In my post last month about power relations in Canada, I suggested that multiculturalism has obscured the fact that the majority of real financial and political power in this country is still largely held by the descendants of European colonizers. I suggested that until power is more equally shared – until, that is, we see the same cultural and ethnic diversity on Bay Street and Parliament Hill that we see in Kensington Market or Ellice Avenue – we will remain haunted by the problems of racism and ethnic discrimination. I do not think this is an easy or straightforward goal to accomplish, nor do I think that accomplishing it will mean an end to oppression, bigotry, or inequality. The human race has a truly astounding capacity for nastiness, and I suspect that if racism is ever put to rest we will find other, equally irrational reasons to mistreat each other. Just as cancer and AIDS have replaced smallpox and Spanish influenza, racially-motivated hatred will be replaced with some other kind; however, just as the knowledge that cancer and AIDS will in turn be replaced by other diseases does not stop us from searching for cures, awareness of humanity’s stubborn capacity for violence should not keep us from resisting the violence we see around us.
But what does this resistance look like? Continue reading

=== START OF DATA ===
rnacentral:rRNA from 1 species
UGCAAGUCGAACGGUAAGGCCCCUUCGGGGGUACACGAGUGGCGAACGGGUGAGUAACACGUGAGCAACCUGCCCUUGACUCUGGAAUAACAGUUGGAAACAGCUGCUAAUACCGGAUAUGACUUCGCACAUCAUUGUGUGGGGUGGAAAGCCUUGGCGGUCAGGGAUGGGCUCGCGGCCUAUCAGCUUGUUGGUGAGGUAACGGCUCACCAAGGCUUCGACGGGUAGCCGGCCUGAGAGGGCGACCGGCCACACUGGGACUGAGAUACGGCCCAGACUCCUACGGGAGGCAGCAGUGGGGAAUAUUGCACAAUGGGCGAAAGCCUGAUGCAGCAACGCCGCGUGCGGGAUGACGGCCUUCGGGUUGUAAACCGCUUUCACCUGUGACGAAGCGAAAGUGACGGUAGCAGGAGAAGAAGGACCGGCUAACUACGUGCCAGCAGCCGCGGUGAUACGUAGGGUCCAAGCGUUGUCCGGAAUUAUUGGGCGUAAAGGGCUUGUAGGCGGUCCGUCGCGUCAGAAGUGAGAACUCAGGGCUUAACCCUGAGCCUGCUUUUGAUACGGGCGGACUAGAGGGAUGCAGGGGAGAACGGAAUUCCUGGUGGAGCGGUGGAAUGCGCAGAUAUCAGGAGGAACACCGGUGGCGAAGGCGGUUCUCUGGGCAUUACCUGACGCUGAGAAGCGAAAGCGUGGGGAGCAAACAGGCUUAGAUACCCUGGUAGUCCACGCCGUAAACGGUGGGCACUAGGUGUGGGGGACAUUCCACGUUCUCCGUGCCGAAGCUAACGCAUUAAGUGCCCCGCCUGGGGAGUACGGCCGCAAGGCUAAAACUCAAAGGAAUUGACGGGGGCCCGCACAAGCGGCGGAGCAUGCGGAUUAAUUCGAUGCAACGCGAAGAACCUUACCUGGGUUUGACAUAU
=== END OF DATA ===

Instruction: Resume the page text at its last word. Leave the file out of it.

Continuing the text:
Borders have, in contemporary discourse, had a rather rough time of it. Perhaps, at the end of a century that saw the partition of India and Pakistan, the ruler-happy imperialist line-drawing in Africa and the Middle East, and the blood-soaked, increasingly microscopic division of the Balkans, it is simply impossible to believe that borders are anything but a sign of failure. After all, even the gentlest uses of the word suggest something to be overcome, something to be crossed, and the images most commonly associated with it – barbed wire fences, armed guards, desperate refugees, watchtowers, customs officers – are steeped in the biometric panopticism of the modern state. Even to the white middle class, perhaps the most privileged of all international travelers, the border is an ambiguous site of anxiety and potential trouble. In the academy, the border has become increasingly fashionable as a site of transgression. “Border Crossing” and “Liminality” are celebrated as ways of resisting the totalizing logic of the centre, and even those who criticize (consider, for example, Roy Miki’s excoriation of those who are drawn to the margin’s “curious exoticism”) do so from the position that the border still names a painful division. It would seem that transgression is all the border is good for in the modern world. Continue reading